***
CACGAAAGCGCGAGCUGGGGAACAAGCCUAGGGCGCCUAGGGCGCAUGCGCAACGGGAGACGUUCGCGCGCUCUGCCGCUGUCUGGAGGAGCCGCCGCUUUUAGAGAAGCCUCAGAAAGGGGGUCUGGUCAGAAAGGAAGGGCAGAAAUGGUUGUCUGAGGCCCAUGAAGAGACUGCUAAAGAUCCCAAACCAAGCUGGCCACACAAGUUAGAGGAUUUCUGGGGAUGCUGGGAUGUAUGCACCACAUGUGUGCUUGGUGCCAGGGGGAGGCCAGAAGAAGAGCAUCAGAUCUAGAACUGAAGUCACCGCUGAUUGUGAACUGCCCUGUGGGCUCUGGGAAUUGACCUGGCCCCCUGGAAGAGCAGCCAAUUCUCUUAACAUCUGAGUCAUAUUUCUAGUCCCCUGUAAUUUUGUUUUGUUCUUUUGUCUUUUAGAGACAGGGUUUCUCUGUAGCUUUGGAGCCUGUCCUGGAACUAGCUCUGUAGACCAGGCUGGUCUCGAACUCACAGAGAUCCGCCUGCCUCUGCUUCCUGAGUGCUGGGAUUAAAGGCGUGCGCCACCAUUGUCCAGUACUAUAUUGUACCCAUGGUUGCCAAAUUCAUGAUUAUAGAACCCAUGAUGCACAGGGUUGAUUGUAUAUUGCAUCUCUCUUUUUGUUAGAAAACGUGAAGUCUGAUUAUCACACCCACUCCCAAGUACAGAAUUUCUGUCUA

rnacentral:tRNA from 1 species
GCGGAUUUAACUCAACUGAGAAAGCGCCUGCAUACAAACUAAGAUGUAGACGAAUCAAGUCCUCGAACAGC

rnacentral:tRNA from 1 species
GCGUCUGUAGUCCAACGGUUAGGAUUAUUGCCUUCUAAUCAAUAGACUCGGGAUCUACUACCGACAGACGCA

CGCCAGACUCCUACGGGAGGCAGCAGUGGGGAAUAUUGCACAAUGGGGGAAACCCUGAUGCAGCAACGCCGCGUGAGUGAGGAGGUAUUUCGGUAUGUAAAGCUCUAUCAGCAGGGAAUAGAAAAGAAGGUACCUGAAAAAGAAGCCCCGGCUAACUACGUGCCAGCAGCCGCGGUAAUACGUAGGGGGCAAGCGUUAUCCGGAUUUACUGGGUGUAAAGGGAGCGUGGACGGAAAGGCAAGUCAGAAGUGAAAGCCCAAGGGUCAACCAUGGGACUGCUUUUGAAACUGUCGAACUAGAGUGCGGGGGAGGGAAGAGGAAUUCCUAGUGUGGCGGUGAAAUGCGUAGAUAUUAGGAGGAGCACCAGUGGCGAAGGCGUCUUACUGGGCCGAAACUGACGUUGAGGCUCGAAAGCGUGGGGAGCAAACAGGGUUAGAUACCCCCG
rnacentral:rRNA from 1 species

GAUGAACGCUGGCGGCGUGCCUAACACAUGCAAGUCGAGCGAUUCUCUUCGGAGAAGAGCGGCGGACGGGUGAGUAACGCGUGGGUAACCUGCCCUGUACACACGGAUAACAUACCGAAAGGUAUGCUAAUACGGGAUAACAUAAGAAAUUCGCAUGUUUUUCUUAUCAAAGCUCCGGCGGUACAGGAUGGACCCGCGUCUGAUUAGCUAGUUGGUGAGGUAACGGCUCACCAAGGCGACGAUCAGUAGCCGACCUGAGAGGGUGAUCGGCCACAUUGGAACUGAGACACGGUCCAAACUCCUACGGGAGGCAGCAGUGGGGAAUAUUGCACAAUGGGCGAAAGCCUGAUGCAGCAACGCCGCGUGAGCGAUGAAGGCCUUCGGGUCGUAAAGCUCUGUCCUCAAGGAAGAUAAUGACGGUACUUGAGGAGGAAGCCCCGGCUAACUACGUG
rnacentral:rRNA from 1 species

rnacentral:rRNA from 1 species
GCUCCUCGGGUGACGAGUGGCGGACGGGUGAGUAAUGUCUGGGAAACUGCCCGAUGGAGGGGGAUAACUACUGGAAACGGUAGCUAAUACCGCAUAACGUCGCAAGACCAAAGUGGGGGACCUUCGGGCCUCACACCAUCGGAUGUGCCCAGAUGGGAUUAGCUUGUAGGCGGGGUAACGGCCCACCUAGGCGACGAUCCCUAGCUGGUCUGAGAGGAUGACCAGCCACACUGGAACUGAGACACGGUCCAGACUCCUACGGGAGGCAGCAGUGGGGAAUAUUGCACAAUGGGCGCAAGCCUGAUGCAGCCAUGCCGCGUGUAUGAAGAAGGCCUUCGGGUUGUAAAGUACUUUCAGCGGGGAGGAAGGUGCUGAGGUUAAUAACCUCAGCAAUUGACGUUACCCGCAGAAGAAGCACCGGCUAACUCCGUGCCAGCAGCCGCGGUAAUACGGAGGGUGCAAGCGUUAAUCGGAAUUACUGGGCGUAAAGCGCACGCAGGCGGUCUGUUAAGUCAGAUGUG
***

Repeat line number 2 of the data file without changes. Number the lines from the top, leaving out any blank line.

rnacentral:tRNA from 1 species